The staff at UNC Healthy Heels are committed to systemic changes to support the health and wellbeing of UNC students and work collaboratively with stakeholders throughout UNC and the community towards that goal. There is much work to be done. Join us in our efforts by getting involved in ways that fit your needs.

Amp Your Mask

Masks work to help prevent COVID-19 infections.

  • Comfort – Remember, the best mask is the one you’ll wear. So find one that is comfortable.
  • Fit – the mask should fit tightly over your nose and chin with no gaps. A bendable nose bridge is important for ensuring a good fit.
  • Filtration – the mask should have 2 or more layers of material. Certain materials, such as those in surgical masks, are designed to remove small particles by making particles collide with and stick to the fibers of the material.

Amp up your mask game! 

⭐⭐⭐Good:

  • Any cloth or surgical mask is better than no mask.

⭐⭐⭐⭐Better:

  •  Double mask with an ASTM-certified surgical mask and a tight-fitting cloth mask. A surgical mask is an excellent filter, but by itself fits poorly and leaks. The cloth mask or fitter is intended to improve the fit of the surgical mask.
  • Or use an ASTM-certified surgical mask with a fitter to seal the mask to the face.

⭐⭐⭐⭐⭐Best:

  • A KN95.
  • A tight-fitting cloth mask with a high-quality filter.

More mask tips – including masks for beards, how to wear gaiters/buffs to be more effective, and how to wash and remove masks – can be found at the CDC website.

10 Quick and Easy Ways to Manage Stress

Organize Yourself. Take better control of the way you’re spending your time and energy so you can handle stress more effectively. There are loads of tips and tricks online, or you can visit the Learning Center and talk with an academic coach to get tips especially for you.

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The port-a-john folks can do it and so can you!

Control Your Environment by controlling who and what is surrounding you. In this way, you can either get rid of stress or get support for yourself. Consider the people and places around you that give you joy as well as those that are a vortex of negativity or a force for good. Choose your people wisely!

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You choose. Just like the playground equipment says.

Extend compassion to yourself when things get hard or when you mess up. Know that you deserve compassion just like you would show a friend.  Everyone goes through difficult times and challenges. You are not alone.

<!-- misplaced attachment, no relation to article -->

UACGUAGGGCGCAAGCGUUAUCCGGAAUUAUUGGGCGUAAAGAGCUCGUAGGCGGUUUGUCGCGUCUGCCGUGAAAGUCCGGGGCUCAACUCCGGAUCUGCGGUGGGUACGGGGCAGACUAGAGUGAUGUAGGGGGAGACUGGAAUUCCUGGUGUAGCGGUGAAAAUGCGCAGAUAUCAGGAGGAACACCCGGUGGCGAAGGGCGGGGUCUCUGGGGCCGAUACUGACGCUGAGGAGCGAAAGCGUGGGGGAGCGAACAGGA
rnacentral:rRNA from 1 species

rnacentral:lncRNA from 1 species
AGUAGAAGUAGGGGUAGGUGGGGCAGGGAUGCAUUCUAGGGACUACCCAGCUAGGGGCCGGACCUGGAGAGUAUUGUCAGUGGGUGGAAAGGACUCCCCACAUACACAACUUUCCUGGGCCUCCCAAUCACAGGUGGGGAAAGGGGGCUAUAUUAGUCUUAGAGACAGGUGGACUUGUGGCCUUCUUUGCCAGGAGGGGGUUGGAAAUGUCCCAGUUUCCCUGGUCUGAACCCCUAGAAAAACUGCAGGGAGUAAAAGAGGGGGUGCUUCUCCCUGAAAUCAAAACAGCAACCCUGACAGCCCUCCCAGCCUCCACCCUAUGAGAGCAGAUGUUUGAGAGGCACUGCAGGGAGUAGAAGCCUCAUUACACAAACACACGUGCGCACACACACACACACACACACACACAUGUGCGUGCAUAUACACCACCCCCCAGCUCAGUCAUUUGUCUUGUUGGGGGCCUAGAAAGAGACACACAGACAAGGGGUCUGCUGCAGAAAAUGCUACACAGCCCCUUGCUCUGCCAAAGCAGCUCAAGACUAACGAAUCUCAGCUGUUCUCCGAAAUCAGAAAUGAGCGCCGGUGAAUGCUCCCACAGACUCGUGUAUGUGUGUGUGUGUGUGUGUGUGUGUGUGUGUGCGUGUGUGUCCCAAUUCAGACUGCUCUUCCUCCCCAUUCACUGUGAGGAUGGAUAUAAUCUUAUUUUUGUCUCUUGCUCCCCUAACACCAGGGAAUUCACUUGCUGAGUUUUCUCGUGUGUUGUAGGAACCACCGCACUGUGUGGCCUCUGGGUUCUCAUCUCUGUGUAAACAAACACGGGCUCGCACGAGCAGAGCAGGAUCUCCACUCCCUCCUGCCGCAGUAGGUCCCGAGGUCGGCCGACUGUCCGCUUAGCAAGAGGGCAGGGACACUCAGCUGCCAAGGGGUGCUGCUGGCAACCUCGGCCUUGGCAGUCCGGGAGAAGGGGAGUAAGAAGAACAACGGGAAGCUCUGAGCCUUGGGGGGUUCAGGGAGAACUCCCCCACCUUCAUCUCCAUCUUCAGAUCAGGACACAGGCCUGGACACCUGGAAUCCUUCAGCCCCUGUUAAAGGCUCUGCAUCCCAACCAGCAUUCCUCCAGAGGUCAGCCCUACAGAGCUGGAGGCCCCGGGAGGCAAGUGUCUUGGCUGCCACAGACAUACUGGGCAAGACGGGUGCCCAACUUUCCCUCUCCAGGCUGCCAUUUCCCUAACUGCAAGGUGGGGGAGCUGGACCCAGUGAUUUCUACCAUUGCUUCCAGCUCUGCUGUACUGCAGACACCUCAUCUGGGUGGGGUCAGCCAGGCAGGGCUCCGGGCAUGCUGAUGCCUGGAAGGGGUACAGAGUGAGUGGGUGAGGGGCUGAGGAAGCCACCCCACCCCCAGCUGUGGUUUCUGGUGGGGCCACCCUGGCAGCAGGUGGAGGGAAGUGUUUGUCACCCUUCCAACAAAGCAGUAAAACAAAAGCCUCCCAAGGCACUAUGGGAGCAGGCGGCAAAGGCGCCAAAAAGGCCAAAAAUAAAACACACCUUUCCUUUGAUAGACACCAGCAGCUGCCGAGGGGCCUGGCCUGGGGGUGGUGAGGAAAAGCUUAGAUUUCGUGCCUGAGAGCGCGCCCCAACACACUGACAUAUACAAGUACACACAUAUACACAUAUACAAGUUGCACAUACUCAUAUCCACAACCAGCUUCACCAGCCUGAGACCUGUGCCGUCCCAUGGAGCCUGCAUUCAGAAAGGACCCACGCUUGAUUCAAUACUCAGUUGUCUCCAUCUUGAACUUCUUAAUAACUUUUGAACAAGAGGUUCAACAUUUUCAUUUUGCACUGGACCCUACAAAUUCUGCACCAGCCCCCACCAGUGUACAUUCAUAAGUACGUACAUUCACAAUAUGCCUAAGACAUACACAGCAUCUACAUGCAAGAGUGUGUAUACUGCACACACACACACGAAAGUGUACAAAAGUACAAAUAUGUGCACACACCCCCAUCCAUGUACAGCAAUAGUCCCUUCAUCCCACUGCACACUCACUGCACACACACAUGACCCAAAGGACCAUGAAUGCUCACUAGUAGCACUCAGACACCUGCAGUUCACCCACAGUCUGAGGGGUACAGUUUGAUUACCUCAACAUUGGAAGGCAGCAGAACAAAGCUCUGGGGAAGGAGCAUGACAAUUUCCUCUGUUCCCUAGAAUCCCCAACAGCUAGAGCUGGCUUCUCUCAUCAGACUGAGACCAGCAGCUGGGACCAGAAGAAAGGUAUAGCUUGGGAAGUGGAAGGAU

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Sending yourself love notes and leaving them in the rain is optional.

Reward yourself by planning leisure activities into your life. It really helps to have something to look forward to. What are the activities that make you feel refreshed? Plan one for your next break!

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Sunsets in the mountains count as a reward.

Move your body – your health and productivity depend upon its ability to bring oxygen and food to its cells. Exercise your heart and lungs regularly. Move your body a minimum of three days per week for 15-30 minutes. This includes such activities as walking, jogging, cycling, swimming, aerobics, etc. We have a whole article dedicated to ideas to incorporate more movement into your life.

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Olympic speed not required.

Relax by taking your mind off your stress and concentrating on breathing and positive thoughts. Sleep, meditation, progressive relaxation, exercise, listening to relaxing music, communicating with friends and loved ones, etc.

Rest as regularly as possible. Sleep 7-8 hours a night. Take study breaks. There is only so much your mind can absorb at one time. It needs time to process and integrate information. A general rule of thumb: take a ten minute break every hour. Rest your eyes as well as your mind.

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Cats can be your guide here.

Be Aware of distress signals such as insomnia, headaches, anxiety, upset stomach, lack of concentration, colds/flu, excessive tiredness, etc. Remember, these can be signs of potentially more serious disorders (i.e., ulcers, hypertension, heart disease), and at the very least are markers that you might be overdoing things.